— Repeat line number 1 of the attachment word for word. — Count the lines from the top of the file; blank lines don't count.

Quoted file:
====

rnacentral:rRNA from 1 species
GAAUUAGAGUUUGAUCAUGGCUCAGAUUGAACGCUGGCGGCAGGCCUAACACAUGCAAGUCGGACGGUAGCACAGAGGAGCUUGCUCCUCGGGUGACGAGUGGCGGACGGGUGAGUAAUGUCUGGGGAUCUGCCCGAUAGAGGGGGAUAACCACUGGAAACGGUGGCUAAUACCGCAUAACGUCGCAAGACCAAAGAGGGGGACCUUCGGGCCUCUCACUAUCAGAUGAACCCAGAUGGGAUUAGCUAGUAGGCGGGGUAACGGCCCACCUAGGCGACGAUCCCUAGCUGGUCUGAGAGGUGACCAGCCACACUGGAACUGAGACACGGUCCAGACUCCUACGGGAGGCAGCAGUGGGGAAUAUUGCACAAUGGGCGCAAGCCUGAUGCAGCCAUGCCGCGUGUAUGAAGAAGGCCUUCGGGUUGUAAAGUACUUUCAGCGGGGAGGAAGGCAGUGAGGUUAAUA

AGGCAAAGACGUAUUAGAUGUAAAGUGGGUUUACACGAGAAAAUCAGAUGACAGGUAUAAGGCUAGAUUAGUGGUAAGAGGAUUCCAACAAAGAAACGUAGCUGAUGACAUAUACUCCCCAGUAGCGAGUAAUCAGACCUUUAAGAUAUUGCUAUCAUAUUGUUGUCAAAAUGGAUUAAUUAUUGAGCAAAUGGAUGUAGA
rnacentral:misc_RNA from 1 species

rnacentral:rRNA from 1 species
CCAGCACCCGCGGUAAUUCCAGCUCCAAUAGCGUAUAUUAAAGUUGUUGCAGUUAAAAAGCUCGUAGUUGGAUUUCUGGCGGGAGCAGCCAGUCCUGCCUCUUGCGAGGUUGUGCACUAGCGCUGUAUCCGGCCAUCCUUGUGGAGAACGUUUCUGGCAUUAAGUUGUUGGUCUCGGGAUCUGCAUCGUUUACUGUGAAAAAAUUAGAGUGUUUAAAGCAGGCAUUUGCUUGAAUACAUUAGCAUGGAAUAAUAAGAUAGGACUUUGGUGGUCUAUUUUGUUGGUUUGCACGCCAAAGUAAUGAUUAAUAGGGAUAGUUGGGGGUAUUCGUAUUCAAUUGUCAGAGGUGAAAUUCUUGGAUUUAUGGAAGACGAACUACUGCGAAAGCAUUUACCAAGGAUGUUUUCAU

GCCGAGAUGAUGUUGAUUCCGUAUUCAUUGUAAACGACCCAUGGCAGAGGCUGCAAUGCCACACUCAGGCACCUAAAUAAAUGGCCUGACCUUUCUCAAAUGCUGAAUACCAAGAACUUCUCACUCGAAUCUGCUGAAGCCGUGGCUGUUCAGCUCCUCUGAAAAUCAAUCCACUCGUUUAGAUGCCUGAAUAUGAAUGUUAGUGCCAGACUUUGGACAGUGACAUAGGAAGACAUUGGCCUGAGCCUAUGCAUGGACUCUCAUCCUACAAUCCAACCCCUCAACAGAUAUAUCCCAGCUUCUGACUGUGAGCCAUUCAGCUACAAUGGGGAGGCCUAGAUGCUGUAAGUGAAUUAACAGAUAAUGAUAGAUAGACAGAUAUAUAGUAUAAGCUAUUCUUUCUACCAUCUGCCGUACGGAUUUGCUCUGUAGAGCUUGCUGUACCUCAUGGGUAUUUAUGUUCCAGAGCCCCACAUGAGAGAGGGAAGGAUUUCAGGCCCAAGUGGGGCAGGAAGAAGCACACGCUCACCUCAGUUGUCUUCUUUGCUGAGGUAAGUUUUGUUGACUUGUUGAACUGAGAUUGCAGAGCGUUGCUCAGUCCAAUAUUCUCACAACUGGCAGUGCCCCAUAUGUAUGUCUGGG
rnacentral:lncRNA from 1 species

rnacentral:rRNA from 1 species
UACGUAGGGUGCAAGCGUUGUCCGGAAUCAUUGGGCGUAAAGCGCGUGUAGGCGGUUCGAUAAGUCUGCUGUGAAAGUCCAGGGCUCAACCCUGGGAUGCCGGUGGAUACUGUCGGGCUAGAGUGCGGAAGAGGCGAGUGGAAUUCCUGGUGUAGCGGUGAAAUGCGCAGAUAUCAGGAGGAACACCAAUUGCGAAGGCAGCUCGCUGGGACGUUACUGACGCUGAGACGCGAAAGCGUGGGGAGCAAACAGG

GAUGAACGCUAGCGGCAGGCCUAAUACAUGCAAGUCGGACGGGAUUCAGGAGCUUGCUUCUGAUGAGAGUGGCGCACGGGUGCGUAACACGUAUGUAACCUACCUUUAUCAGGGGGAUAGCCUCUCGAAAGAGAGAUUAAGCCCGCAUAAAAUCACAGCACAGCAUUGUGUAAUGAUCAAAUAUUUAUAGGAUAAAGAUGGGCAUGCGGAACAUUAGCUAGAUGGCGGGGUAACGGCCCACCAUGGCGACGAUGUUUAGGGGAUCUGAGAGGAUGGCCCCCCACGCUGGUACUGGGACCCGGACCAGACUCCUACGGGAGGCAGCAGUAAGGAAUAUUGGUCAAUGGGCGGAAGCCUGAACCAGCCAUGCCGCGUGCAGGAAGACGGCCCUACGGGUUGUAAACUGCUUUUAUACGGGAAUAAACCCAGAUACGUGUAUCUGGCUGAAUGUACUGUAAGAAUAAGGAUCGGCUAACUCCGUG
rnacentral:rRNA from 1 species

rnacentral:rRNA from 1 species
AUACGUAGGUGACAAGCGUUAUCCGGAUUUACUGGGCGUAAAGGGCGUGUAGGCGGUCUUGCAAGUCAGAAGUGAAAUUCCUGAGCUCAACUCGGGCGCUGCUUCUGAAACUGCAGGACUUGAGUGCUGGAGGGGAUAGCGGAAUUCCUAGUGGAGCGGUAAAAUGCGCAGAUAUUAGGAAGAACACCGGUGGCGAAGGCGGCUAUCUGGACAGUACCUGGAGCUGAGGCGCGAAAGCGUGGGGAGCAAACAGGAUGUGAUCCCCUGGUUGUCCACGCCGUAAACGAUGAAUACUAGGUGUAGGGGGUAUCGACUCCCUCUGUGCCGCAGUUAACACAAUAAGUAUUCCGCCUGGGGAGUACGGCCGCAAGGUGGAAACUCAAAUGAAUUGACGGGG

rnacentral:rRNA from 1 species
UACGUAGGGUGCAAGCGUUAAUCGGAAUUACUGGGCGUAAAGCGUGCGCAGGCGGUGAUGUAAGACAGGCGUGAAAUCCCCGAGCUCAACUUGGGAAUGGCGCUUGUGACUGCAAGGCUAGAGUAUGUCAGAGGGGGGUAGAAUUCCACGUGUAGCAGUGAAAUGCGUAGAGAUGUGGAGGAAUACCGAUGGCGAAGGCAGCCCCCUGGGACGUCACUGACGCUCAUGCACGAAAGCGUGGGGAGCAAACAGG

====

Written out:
rnacentral:rRNA from 1 species